Written by Chee-Hann Wu. The world is filled with diverse cultures and histories, each with its unique narratives and connections. This special issue explores Taiwan and Canada’s fascinating cultural and historical ties. Despite their geographical distance, these two nations share surprising parallels that have shaped their identities and fostered mutual understanding. From immigration patterns to artistic influences, this special issue demonstrates how the cultural and historical connection between Taiwan and Canada is a testament to the power of shared experiences and the ability of diverse nations to forge meaningful bonds.
Author: Chee-Hann Wu
Wave Makers on Netflix: A Vision of Taiwanese Politics Not ‘Amid Tensions’
Written by Chieh-Ting Yeh. “Wave Makers” (2023; 人選之人-造浪者) is a new drama on Netflix about political staffers trying to win a presidential election in the last few months of the campaign. This may sound like the premise of many television shows in the political intrigue genre, but it is the first of its kind from Taiwan to be available to a worldwide audience. The drama addresses various political issues relevant to contemporary Taiwan, including environmental concerns, energy policies, and workplace sexual harassment, reflecting the ongoing public debates on these topics. But it is glaring in what it is missing: Taiwan-China relations.
The Limits of “Ecological Development”: Making Existing Lifeworlds Visible on Taipei’s Shezidao
Written by Aaron Su. In March 2023, yet another round of protests broke out in response to development plans on Taipei’s Shezidao, a flood-prone peninsula on the outer edges of the city home to over 11,000 residents. Spanning multiple mayoral regimes, the Taipei government’s plans to construct on the currently development-restricted Shezidao has been met with dissatisfaction time and again from its residents, who worry about how seemingly optimistic promises of uplift and revitalization spell evictions and other drastic changes to their existing economies, social networks, and modes of life.
Queering the Intergenerational Remembrance of the White Terror
Written by Linshan Jiang. In 2020 and 2021, the National Human Rights Museum and Spring Hill Publishing released two literary collections on the White Terror in Taiwan (1947–1987): a four-volume novel collection entitled Making the Past in the Moment (2020) and a five-volume essay collection, entitled Soul and Ash (2021), co-edited by two Taiwanese writers, Hu Shuwen (1970– ) and Tong Weiger (1977– ). “White Terror” refers to the 50-year oppressive rule by the Chinese Nationalist Party (Kuomintang, KMT) in Taiwan after the Republic of China took over Taiwan from Japan in 1945. Then the KMT lost the Chinese Civil War (1945–1949) and was exiled to Taiwan in 1949. As a result, it is officially known as the martial law period. Although it should be admitted that the concept of “white terror” may not encompass every aspect of the martial law period, my focus is on the continuing oppression of the people due to KMT’s authoritarian rule, and I will mainly use White Terror to refer to this period in this article.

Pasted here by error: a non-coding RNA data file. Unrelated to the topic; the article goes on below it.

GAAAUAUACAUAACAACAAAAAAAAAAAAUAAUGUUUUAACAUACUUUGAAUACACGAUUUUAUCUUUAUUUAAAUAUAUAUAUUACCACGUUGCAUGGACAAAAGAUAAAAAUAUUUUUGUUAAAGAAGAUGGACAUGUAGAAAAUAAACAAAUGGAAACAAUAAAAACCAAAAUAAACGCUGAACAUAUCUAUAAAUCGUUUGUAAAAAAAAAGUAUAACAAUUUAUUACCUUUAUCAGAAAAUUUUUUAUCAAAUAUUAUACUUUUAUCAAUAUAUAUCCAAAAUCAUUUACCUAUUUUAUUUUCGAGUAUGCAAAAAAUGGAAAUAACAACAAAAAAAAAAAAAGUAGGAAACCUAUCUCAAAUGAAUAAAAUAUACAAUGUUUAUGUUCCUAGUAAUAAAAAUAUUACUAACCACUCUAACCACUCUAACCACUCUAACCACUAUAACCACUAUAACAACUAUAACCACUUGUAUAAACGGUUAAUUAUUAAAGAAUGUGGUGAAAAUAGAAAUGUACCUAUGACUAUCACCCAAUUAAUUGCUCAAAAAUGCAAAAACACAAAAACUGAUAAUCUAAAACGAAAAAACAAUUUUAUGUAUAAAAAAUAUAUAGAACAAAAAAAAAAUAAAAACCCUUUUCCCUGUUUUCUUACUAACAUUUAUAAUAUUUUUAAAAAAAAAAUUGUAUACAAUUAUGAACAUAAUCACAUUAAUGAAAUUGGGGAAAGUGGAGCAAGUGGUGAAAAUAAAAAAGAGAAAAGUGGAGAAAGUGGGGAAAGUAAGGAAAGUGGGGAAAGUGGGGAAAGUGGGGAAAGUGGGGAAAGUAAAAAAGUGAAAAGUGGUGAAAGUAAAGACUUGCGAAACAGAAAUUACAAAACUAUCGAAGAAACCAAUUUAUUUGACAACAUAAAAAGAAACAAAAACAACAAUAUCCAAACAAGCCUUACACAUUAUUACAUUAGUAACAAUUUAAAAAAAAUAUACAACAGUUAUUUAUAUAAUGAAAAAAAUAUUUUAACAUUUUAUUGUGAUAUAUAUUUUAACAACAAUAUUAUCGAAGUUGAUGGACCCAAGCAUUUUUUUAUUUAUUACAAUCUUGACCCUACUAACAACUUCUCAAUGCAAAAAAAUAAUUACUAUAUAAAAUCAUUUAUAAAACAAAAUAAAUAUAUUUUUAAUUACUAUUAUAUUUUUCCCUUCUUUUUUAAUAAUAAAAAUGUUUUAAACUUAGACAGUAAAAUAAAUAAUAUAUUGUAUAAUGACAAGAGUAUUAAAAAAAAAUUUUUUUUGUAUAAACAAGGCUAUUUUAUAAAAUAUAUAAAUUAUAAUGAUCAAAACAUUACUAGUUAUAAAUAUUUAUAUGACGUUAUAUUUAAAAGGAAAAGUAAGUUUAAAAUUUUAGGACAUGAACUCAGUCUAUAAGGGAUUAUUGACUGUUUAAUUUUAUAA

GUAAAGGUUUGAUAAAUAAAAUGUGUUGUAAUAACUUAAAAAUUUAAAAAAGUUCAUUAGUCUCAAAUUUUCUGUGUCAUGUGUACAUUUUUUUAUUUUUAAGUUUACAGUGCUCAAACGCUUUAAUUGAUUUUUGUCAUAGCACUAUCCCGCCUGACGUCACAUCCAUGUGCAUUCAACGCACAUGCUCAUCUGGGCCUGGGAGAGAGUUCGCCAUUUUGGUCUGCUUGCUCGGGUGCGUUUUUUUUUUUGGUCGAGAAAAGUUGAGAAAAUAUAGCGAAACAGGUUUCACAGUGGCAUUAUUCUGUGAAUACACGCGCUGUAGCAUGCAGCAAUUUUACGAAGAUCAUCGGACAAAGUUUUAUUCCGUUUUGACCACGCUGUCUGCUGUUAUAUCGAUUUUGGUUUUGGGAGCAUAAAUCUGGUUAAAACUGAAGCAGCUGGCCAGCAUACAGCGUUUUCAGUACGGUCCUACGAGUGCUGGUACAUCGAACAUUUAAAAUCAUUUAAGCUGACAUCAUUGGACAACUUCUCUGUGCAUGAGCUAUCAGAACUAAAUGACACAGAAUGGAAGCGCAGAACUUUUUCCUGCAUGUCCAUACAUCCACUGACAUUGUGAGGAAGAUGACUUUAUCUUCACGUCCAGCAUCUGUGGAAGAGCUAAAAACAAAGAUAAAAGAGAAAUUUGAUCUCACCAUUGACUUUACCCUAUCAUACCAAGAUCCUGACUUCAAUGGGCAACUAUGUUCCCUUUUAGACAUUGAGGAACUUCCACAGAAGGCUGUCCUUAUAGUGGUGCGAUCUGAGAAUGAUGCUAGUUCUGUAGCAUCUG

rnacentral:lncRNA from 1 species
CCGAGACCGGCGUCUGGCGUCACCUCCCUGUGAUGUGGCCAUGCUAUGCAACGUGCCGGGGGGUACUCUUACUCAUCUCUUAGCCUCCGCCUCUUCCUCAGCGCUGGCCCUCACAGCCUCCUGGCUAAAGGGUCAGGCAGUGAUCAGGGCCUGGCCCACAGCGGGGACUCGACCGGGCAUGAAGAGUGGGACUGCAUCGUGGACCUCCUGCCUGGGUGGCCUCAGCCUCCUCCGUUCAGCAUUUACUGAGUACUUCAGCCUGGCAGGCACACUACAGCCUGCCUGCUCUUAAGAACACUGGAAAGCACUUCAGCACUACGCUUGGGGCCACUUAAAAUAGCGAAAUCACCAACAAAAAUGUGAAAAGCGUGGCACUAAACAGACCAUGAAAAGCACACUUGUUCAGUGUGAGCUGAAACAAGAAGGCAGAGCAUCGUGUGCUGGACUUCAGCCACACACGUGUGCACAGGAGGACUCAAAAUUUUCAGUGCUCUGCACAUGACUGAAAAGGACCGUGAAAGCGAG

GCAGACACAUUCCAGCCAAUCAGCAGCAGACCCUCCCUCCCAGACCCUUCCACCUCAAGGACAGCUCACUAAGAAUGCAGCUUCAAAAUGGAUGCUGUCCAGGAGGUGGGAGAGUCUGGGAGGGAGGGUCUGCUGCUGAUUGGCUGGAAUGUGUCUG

Understanding Taiwanese Literature Beyond Borders
Written by Jenna Tang. Literature from Taiwan is considerably underrepresented in the English-speaking world. Several literary themes are specific to the place, its languages, cultures, and history that haven’t been fully explored over time. As a Taiwanese writer and translator myself, I am often questioned: “How do these books from Taiwan travel across borders?”
Taiwanese Literature through the Lens of World Literature: Publications in 2022 and 2023
Written by Jessica Ssu-Chieh Fan. The past year, from 2022 to 2023, has witnessed some exciting achievements in Taiwanese literature. Malaysian-Chinese Taiwan-based novelist Chang Kuei-hsing won the Newman Prize for Chinese Literature, one of the most prestigious literary prizes for contemporary prose and poetry written in Chinese. From the discourses surrounding this literary event, including Chang’s acceptance speech and the remarks by Chang’s nominator E.K. Tan, some evolving trends related to broader paradigm shifts in Taiwanese literary studies can be discerned. Both Chang and Tan referenced the hybrid transcultural aesthetic influences epitomised by Chang’s literary style, which Tan described as “a unique branch of Chinese literature as world literature.” Another Taiwanese writer who has garnered significant international attention is Kevin Chen. His novel Ghost Town, translated into English by Darryl Sterk, was featured on the Best Books of World Literature of 2022 by Library Journal and on the longlist of the PEN Translation Prize 2023.
Situating Taiwanese Literature in the Framework of World Literature